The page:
Some Things are True

by Gregory Koukl

It is impossible to know the meaning of any written text. If this is true, log off the web now. If not, read this commentary to find out about self-refuting arguments.

I mentioned that I spent last evening and all of this morning with a very, very dear group of people–about 15 adult men and women–who are very committed to Jesus Christ and His gospel. I mentioned earlier that they were a strange group of people; I guess that’s the wrong way to put it. They’re not strange as a group of people but they come from a rather strange world. At least it was strange to me. The irony is that these folks actually, in a sense, probably saw my world as strange because it was very different from theirs.

Let me give you a picture of my world, by and large, at least as it touches this particular issue. My world is a world in which thinking matters, in which there is such a thing as truth, in which truth can be known and in which we use thinking to assess ideas to determine whether they are true or not. There’s really not much room in my thinking system for comments like, Well, that’s just your interpretation, or just your opinion, when the emphasis is on “just.” Of course it’s my interpretation. Of course it’s my opinion, but it’s not just those things in that I’m not simply sharing my point of view, I’m sharing my reasons why I have a point of view.

Now it could be that my opinion or my interpretation is mistaken, but the only way for me to find out whether it’s mistaken or not is to get at the reasons I draw the conclusions which form either my opinion or my interpretation. I don’t believe that all opinions are equal. I don’t believe that all interpretations are equal. I don’t believe that all cultures are equal, or all morals are equal. I think there are value differences and so do you, every single person who is listening to me, even if you deny such a thing. You’re not telling the truth.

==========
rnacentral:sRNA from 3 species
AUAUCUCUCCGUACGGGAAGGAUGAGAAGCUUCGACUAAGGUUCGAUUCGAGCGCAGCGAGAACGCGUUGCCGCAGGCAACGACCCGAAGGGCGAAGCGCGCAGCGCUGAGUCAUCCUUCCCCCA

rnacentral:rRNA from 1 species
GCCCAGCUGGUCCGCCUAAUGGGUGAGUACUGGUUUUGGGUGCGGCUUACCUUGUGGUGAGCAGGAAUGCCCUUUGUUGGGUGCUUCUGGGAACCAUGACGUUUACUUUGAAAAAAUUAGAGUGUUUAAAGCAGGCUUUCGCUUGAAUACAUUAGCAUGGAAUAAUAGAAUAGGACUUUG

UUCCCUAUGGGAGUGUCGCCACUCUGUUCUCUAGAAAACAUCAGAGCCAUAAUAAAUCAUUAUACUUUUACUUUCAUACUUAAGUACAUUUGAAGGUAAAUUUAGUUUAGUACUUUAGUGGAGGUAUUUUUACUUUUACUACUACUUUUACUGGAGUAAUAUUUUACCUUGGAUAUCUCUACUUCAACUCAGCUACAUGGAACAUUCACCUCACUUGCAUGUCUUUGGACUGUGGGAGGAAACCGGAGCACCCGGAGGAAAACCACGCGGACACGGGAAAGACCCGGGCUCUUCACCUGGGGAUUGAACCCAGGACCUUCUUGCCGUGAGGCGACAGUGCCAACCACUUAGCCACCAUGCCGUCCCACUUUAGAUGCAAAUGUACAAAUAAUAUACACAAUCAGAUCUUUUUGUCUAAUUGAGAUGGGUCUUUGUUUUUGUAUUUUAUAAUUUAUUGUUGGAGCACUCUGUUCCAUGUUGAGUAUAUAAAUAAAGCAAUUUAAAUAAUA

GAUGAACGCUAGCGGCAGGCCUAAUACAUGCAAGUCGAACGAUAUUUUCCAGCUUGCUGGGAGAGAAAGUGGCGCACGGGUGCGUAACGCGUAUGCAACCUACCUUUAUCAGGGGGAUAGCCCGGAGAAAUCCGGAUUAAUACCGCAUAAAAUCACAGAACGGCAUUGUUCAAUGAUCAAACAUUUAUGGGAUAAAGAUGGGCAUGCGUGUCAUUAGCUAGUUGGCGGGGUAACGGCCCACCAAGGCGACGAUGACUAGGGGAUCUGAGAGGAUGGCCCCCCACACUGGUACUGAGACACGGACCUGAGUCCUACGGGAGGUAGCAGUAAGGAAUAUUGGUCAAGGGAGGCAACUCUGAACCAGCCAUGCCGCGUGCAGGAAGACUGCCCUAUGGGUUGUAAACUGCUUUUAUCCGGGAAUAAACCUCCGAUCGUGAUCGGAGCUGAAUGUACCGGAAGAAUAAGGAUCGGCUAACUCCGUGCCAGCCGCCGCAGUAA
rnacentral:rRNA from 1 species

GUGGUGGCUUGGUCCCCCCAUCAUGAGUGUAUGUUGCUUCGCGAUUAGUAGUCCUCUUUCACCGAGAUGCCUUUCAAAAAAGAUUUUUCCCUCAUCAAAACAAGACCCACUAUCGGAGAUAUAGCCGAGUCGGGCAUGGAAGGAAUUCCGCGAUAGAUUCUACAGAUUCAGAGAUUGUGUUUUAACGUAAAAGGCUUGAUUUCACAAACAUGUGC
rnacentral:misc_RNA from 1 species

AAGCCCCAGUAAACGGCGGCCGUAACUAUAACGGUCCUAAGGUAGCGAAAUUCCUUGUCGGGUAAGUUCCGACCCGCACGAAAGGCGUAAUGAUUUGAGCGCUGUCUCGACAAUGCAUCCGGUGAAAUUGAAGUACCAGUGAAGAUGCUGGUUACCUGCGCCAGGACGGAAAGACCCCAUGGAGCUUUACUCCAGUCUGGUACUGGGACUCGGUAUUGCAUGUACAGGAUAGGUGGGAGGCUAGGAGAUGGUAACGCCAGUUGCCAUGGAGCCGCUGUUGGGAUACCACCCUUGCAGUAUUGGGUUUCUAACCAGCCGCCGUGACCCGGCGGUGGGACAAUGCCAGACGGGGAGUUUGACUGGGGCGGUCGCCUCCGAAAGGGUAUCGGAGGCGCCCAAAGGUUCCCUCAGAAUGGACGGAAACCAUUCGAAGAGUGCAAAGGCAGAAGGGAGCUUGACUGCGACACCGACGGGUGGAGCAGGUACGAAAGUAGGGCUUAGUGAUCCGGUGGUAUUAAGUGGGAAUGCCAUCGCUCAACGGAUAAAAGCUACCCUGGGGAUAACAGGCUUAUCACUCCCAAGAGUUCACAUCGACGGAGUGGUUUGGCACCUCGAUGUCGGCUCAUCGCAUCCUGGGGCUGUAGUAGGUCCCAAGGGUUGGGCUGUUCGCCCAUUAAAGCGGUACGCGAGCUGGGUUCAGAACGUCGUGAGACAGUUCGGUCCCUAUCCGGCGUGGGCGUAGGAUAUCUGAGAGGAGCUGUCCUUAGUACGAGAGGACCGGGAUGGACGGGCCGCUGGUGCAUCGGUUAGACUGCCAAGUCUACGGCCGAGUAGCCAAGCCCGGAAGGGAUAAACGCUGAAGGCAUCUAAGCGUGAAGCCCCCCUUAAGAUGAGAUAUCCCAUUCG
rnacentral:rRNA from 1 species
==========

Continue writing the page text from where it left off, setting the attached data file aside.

So I believe in a world in which there are these distinctions, and these distinctions are possible to determine. We use a number of different tests, if you will, to determine this. I use the same tests everybody else does, I just do it a little more self-consciously than many.

I also come from a world in which there are a lot of people like me who believe in clear thinking and also believe in the orthodox doctrines of Christianity–the virgin birth, miracles, the resurrection of Christ, the substitutionary atonement of the work of the cross, Jesus as God, the revelation that God gives through nature and through the Scripture, the Trinity–all of these things that have been a part of Christianity from its beginning. I happen to believe those things and so do the people I hang out with. Beyond that, these are bright people that I hang out with. They do thinking quite well. You can know that by simply talking to them for a little while.

I come from a world that affirms Christianity and affirms clear thinking, and the two are not at odds with each other…

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